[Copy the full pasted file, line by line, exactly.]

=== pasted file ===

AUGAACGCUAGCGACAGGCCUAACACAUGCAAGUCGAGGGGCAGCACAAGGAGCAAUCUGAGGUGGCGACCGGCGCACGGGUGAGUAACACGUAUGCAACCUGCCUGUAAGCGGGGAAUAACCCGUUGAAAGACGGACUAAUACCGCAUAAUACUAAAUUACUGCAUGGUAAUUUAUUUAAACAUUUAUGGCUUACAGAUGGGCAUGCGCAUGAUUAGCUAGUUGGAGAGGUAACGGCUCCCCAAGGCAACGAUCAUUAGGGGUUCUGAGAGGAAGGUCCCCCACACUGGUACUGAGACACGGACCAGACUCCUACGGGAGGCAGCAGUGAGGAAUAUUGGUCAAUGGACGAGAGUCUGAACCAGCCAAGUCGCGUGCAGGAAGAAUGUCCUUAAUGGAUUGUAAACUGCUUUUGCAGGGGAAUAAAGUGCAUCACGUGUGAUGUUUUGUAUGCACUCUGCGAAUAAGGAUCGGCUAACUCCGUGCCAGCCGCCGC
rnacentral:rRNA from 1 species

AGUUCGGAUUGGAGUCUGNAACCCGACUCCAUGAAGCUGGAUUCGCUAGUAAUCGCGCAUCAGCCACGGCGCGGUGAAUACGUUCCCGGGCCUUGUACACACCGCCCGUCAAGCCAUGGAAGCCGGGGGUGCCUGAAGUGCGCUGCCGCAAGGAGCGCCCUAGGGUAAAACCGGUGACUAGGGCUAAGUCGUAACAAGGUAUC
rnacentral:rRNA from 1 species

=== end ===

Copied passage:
AUGAACGCUAGCGACAGGCCUAACACAUGCAAGUCGAGGGGCAGCACAAGGAGCAAUCUGAGGUGGCGACCGGCGCACGGGUGAGUAACACGUAUGCAACCUGCCUGUAAGCGGGGAAUAACCCGUUGAAAGACGGACUAAUACCGCAUAAUACUAAAUUACUGCAUGGUAAUUUAUUUAAACAUUUAUGGCUUACAGAUGGGCAUGCGCAUGAUUAGCUAGUUGGAGAGGUAACGGCUCCCCAAGGCAACGAUCAUUAGGGGUUCUGAGAGGAAGGUCCCCCACACUGGUACUGAGACACGGACCAGACUCCUACGGGAGGCAGCAGUGAGGAAUAUUGGUCAAUGGACGAGAGUCUGAACCAGCCAAGUCGCGUGCAGGAAGAAUGUCCUUAAUGGAUUGUAAACUGCUUUUGCAGGGGAAUAAAGUGCAUCACGUGUGAUGUUUUGUAUGCACUCUGCGAAUAAGGAUCGGCUAACUCCGUGCCAGCCGCCGC
rnacentral:rRNA from 1 species

AGUUCGGAUUGGAGUCUGNAACCCGACUCCAUGAAGCUGGAUUCGCUAGUAAUCGCGCAUCAGCCACGGCGCGGUGAAUACGUUCCCGGGCCUUGUACACACCGCCCGUCAAGCCAUGGAAGCCGGGGGUGCCUGAAGUGCGCUGCCGCAAGGAGCGCCCUAGGGUAAAACCGGUGACUAGGGCUAAGUCGUAACAAGGUAUC
rnacentral:rRNA from 1 species